Linkedin: Is BPMS Just the new name for Application Development?

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Agree with Max that the goal is to be able to improve processes by the business without the existing burden of application development. To reach this goal it is required to architect the flexibility of enterprise BPM systems (BPM system is a portfolio of the business processes as well as the practices and tools for governing the design, execution and evolution of this portfolio).

In many cases, an enterprise BPM system is a historical set of applications and each of them dilutes and mixes processes, events, rules, data, services, KPIs, etc. With the help of BPMS (software) and other modern tools we can externalize, make explicit and implement via DSLs those artefacts. This considerably increases flexibility – improving of processes will be assembling of better compositions from better artefacts. So, BPM (as discipline/concept, software and system used together) is disruptive innovation vs. application development.



Thanks Mark, I will try to be more explicit ….

An enterprise is a complex, dynamic and self-evolving socio-technical system which consists of many artefacts. Some of them: processes, services, events, data structures, documents, rules, roles, data, documents, activities, audit trails, KPIs. Those artefacts are interconnected and interdependent. Because of new policies, priorities, compliance, technology, etc. we have to change the enterprise. Implementation of such changes necessitates the evolution of some artefacts and the relationships between them. It must be easy to modify all artefacts and relationships without causing any negative effects.

With the traditional application development the majority of artefacts is implicit (because they are coded in, for example, Java) and cannot be modified by their owners thus making the whole enterprise difficult to evolve. Principles for creating creating flexible systems are:
- All artefacts must be evolved to become digital, external, virtual and components of clouds
- All artefacts must be versionable throughout their lifecycle
- All relationships between these artefacts are modelled explicitly
- All models are made to be executable

Business process is the best example of a relationship between other artefacts: who (roles) is doing what (business objects), when (coordination of activities), why (business rules), how (business activities) and with which results (KPIs). So, business processes should be explicit and executable and this is done by BPM suites (or BPMS). Other artefacts are handled by different technologies/tools, e.g. ECM for documents, BRM for rules, MDM for data, etc. Now, instead of developing applications, we can assemble (of course with the help of SOA) artefacts around business processes thus increasing flexibility.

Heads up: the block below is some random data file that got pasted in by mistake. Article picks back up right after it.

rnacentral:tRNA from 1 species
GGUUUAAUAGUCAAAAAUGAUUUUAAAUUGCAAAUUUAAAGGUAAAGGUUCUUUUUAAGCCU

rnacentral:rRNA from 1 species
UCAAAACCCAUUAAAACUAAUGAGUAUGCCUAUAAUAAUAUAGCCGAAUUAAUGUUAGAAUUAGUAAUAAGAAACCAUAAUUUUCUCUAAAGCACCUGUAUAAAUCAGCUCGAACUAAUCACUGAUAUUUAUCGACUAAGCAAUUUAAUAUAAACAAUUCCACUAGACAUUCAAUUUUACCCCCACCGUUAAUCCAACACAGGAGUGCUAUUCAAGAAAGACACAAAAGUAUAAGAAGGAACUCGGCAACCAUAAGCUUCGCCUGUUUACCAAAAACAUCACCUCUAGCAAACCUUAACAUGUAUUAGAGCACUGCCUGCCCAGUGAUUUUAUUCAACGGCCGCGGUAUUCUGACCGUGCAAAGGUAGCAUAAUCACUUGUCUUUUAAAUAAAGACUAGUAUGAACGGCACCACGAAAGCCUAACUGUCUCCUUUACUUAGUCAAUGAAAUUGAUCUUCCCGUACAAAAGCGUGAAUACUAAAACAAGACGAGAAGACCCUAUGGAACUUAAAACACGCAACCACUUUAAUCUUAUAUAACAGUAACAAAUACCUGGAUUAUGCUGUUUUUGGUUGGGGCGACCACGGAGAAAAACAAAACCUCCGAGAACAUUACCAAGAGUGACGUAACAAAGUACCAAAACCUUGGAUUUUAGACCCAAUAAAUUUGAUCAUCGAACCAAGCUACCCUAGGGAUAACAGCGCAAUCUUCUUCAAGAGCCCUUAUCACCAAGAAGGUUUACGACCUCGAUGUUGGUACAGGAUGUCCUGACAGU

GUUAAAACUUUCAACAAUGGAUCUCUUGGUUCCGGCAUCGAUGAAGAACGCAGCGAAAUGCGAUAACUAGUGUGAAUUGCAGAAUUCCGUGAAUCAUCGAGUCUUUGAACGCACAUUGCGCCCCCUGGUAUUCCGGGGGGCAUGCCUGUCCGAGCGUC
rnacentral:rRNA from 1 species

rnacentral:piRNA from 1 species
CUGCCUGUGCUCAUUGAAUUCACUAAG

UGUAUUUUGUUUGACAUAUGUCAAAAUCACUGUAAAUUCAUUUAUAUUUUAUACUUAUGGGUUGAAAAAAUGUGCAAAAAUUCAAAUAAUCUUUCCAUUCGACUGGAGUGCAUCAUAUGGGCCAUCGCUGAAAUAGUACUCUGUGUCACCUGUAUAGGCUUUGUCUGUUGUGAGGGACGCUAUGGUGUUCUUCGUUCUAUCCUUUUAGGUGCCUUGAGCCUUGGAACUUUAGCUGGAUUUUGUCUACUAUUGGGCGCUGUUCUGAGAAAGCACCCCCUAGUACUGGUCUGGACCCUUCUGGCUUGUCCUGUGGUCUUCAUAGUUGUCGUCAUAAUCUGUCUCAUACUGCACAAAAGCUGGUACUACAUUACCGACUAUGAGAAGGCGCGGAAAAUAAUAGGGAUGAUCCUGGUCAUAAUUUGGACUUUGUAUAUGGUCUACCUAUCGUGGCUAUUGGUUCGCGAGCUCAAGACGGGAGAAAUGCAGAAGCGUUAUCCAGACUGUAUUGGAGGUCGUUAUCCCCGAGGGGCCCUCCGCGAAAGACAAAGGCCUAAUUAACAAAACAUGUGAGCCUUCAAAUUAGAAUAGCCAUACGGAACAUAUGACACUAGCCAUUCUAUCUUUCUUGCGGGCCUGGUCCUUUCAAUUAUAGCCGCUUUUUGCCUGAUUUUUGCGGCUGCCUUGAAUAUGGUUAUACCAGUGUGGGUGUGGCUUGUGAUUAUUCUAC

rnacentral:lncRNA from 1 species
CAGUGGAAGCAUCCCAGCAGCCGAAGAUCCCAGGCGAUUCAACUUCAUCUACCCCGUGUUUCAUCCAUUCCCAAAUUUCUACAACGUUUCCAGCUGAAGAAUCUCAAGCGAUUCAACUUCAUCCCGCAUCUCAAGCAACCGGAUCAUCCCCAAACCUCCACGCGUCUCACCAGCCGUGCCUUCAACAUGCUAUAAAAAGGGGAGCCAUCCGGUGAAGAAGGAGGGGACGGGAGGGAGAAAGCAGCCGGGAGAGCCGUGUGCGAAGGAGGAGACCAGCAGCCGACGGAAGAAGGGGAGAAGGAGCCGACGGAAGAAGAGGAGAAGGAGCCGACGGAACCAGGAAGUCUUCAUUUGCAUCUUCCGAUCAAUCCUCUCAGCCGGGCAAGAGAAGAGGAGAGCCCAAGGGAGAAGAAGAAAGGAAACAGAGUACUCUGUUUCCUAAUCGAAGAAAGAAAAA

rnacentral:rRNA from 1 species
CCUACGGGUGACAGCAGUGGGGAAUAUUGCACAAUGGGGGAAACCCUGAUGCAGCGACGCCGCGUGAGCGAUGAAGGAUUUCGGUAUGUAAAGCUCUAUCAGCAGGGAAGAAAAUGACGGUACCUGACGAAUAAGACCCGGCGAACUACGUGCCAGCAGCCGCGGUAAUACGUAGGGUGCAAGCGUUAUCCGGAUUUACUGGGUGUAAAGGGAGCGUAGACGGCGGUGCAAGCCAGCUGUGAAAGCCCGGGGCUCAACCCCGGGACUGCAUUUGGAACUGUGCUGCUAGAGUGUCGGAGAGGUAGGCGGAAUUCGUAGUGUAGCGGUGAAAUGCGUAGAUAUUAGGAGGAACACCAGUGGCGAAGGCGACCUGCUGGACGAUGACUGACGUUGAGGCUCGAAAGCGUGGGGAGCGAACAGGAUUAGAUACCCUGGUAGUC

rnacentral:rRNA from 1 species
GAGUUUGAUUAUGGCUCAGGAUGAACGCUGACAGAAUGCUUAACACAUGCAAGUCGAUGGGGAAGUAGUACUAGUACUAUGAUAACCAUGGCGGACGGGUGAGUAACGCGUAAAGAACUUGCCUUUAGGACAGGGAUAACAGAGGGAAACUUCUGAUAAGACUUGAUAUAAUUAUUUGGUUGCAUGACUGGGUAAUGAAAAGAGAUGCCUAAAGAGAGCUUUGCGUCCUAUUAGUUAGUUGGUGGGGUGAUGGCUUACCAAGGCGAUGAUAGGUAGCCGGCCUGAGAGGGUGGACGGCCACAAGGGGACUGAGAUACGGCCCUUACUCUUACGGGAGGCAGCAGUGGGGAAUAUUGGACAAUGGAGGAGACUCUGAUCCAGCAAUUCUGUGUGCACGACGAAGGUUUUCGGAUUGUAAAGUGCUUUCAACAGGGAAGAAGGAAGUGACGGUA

As processes (and services) are the major artefacts of this architecture, the use of BPM (as a discipline for using processes to manage business), BPMS (as a tool) and BPM system should be aligned. Sure, those three concepts can be used in separation – good processes are implemented in a Java program or BPMS as the only tool which includes all other technologies. But this still limits the agility of the enterprise.

A few extra resources are in my blog http://improving-bpm-systems.blogspot.com/2010/02/bpm-reference-model-fragment-01.html


1 comment:

Pat said...

I'm sure you don't want this as a forum for pitching products, but there's truly something to be said for ActiveVOS - you should check it out because it addresses the issues you raise, and the philosophy behind it is very much in adherence with what you propose. In their case, the BPM and BPMS are indistinguishable - the purpose is to offer a system for creating and implementing business processes. Putting them into a framework and managing them (and all related heavy-lifting) should be done by the application.

Hope you find this helpful - check it out: http://www.activevos.com

--Pat Flanders